Introduction of translational research in omics science to clinical anesthesia

Shigekazu Sugino, Tomo Hayase, Michiaki Yamakage

Research output: Contribution to journalArticlepeer-review


Much progress has been made in omics research following completion of the Human Genome Project. This comprehensive analysis produced a new discipline (i.e., bioinformatics), and its findings contributed to the clinical practice of anesthesiology. Genomes of patients show genetic variations and may predict the sensitivity to anesthetics and analgesics, incidence of adverse effects, and intensity of postsurgical pain. Changes in the transcriptomes of patients may also reflect anesthesia-related expression profiles of various types of neurons in the brain, and information on such changes may contribute to molecular targeted therapy in anesthetized patients. In addition, novel epigenome research may explain why environments change the phenotypes of clinical anesthesia. We currently hypothesize that female gender is associated with DNA methylation in pain-related and vomiting-related gene promoter regions at the genome-wide level and that epigenetic mechanisms are involved in gender differences in anesthesia practice.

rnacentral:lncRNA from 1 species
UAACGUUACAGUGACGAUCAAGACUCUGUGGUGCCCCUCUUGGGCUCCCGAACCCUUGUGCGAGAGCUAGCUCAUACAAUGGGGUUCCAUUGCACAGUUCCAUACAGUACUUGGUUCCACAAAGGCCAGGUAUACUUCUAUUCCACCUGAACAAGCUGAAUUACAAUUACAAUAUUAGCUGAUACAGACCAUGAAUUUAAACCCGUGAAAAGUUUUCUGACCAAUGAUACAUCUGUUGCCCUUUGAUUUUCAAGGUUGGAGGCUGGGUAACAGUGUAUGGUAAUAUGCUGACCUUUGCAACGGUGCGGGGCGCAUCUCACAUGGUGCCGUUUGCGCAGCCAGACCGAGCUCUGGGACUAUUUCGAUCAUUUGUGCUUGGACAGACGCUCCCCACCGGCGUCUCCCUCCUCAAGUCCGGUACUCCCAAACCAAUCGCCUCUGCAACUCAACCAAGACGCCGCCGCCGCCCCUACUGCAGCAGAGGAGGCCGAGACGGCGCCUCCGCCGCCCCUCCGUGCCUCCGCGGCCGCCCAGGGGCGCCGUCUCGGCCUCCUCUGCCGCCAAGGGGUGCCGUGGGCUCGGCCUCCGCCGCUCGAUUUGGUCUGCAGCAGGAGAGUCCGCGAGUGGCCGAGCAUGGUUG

Original languageEnglish
Pages (from-to)296-303
Number of pages8
JournalJapanese Journal of Anesthesiology
Issue number3
Publication statusPublished - 2013 Mar 1
Externally publishedYes


  • Epigenome research
  • Human genome
  • Omics research
  • Transcriptomes

ASJC Scopus subject areas

  • Anesthesiology and Pain Medicine


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